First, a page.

「運命の幻影」 (Unmei no Genei)
“Mirage of Destiny”

Dense episode this week, which I suppose should be expected whenever time travel is involved. Unlike my expectations last week, though, it seems the story is only tangentially about time police; more involved are Japanese ninja police. And Concrete Revolutio‘s time travel mechanics are not especially rigorous, and work much like Concrete Revolutio itself: mash it all together into a timey-wimey ball, paradoxes be damned. That is, as long as it’s narratively convenient, go for it.

Since Mirage of Destiny is not a story about the time police, and its time travel mechanics are incredibly permission, I wouldn’t say it’s actually about time travel. Time travel is just a device. Rather, I think it tries to talk about many other things, like regrets, ‘growing up’, idealism vs pragmatism vs cynicism, and whatever other subtext you’d like to read into it; this episode of Concrete Revolutio, perhaps more than even previous ones, is packed. Just take the character of Jaguar, who has been a bit of a foil for Jirou. Mirage of Destiny goes through basically all his character development basically in one episode. How does it do it? By making the three stages of Jaguar’s growth literally three different characters, using the handy dandy time travel conceit, and throwing them all together (it’s true, ‘mash’ is the only setting Concrete Revolutio has). We have Jaguar when he was still a time cop, still very fresh. We have the ‘oldest’ Jaguar, the one who had gone through a lot and founded the Superhuman Bureau. The most significant, and most radical, Jaguar is the ‘middle’ one, who heads IQ, using his advanced technology to purge the world (a very extreme version of Earth-chan, it is noted). I’ve been expecting more hard line vigilante groups to pop up, as opposed to the easygoing kids of the BL Club, but not as flagrant as the IQ.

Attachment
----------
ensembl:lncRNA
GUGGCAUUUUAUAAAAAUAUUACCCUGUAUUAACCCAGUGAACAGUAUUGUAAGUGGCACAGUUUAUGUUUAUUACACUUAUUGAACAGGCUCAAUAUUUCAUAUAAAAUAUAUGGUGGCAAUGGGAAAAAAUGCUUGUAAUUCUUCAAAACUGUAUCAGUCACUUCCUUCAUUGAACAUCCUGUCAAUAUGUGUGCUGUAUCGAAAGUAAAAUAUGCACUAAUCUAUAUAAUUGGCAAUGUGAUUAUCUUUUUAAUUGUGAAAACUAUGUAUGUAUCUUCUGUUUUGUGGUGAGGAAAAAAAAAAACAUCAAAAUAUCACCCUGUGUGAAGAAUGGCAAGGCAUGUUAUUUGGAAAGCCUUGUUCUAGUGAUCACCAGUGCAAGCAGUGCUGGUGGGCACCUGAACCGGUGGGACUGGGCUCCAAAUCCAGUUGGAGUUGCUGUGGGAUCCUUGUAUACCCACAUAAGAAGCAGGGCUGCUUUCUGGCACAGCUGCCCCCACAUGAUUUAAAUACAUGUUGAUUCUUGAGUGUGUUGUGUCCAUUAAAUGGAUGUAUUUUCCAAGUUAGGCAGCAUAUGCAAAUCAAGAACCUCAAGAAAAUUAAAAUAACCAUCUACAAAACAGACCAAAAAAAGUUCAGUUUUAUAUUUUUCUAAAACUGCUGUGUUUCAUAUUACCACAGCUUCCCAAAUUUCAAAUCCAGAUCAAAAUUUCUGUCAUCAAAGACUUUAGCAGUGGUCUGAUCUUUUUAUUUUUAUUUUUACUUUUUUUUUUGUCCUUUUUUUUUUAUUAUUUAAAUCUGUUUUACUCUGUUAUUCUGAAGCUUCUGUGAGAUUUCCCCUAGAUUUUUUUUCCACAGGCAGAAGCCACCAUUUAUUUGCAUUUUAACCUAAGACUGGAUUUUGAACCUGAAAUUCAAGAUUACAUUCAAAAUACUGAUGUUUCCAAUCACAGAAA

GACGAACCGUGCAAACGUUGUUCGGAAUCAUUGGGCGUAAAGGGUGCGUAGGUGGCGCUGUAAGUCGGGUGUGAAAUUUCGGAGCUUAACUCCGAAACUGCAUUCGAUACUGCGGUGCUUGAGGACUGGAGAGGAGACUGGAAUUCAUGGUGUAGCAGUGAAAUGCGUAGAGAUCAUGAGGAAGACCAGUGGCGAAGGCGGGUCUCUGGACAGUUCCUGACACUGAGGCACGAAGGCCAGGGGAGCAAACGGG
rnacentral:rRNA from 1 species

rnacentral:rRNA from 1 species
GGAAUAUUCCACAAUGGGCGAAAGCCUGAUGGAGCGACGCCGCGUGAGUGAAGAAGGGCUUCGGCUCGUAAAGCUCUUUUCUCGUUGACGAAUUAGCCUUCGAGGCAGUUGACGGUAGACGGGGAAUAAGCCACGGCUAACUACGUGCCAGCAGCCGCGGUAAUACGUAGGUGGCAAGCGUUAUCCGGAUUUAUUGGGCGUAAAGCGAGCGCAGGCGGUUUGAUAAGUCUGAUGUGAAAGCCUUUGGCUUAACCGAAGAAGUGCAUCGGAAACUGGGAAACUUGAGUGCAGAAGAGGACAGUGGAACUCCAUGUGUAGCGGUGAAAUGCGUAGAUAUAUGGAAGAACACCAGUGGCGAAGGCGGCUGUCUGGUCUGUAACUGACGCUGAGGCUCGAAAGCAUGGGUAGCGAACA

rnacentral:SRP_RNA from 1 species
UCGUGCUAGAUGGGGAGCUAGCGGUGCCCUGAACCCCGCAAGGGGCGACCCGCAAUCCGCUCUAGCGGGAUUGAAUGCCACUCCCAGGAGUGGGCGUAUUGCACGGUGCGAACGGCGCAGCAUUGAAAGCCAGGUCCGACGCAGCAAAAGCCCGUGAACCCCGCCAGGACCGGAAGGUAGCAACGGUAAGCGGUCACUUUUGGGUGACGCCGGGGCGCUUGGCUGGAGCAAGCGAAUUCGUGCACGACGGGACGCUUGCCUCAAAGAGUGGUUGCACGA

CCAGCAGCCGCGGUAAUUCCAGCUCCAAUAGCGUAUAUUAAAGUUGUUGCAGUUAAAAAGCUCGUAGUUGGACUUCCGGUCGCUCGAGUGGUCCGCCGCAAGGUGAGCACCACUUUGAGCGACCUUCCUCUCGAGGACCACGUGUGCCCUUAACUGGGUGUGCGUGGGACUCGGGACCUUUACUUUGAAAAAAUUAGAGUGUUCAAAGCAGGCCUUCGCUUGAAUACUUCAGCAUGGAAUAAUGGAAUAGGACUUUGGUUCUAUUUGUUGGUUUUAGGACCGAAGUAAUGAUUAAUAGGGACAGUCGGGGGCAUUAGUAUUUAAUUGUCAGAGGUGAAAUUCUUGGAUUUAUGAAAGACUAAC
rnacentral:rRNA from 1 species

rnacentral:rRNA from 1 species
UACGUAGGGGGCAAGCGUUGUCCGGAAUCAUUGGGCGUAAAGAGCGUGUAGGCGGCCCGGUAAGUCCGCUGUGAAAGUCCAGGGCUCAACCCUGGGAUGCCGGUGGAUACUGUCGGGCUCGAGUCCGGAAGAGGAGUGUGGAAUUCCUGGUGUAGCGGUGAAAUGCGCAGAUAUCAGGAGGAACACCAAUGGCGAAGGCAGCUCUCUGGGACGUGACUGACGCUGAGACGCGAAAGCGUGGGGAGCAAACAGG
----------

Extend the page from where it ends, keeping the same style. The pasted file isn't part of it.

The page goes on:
The IQ and IQ!Jaguar stand for expediency, because apparently they don’t believe in things like due process and proportionality. ‘Justice’ is for children, is their argument, which is naturally why Jirou opposes the IQ. That’s not surprising; what is more interesting is that the IQ and the Superhuman Bureau oppose each other. It just goes to show the change of philosophy between IQ!Jaguar and Bureau!Jaguar. Neither of his organisations are all that pleasant, which one would you prefer? The violent extremists, or the government sanctioned conspiracy? It’s not much of a choice either way, sure, but the Superhuman Bureau is at least a reflection of Jaguar’s realisation that a gang of homicidal extremists like the IQ isn’t really the way to make the world a better place. Jaguar doesn’t seem to be really a bad sort, so I wonder if the shady government conspiracy that is the Superhuman Bureau is really his intention. Sure, Bureau!Jaguar would call idealism childish, but so would IQ!Jaguar, and it’s evident that the former doesn’t really approve of the latter, in the same way one looks back on their adolescent flings and tries desperately to disown themselves. Yet, Bureau!Jaguar shoots his past self without hesitation. Is it because, yes, expediency is the ‘adult’ thing? Or is the adult part that there is only redemption in death? Is that why we needed someone ‘childish’ like Kikko to save Jaguar? Even though giving Dr Hitoyoshi time travel technology is the worst idea ever conceived?

And here’s the part where Concrete Revolutio starts being meta. Concrete Revolutio is mashup of a lot of anime and other fantasy, arguably very childish things. IQ!Jaguar is right in that the Equus is quite a silly design. There’s no real practicality to make weapons humanoid. The most efficient military vehicles we have today are essentially nothing more than weapon platforms, because aesthetics is secondary to packing the biggest gun. But transforming centaur mecha are cool, and that goes for everything else that have been assimilated into Concrete Revolutio. Magic, ninja and, of course, superheros are things we’re supposed to grow out of. But my experience as a nerd has been this: everybody likes robots as children, you suffer a bit of a stigma for it a teenager, and once you’re an adult you can remind people we’re putting robots on comets so it doesn’t matter what your hobbies are. I think Jaguar’s three time divergent forms mirrors this. ‘The ones who act the most manly are usually the ones who still love toys‘. Damn straight. Toys just get more awesome as you get older.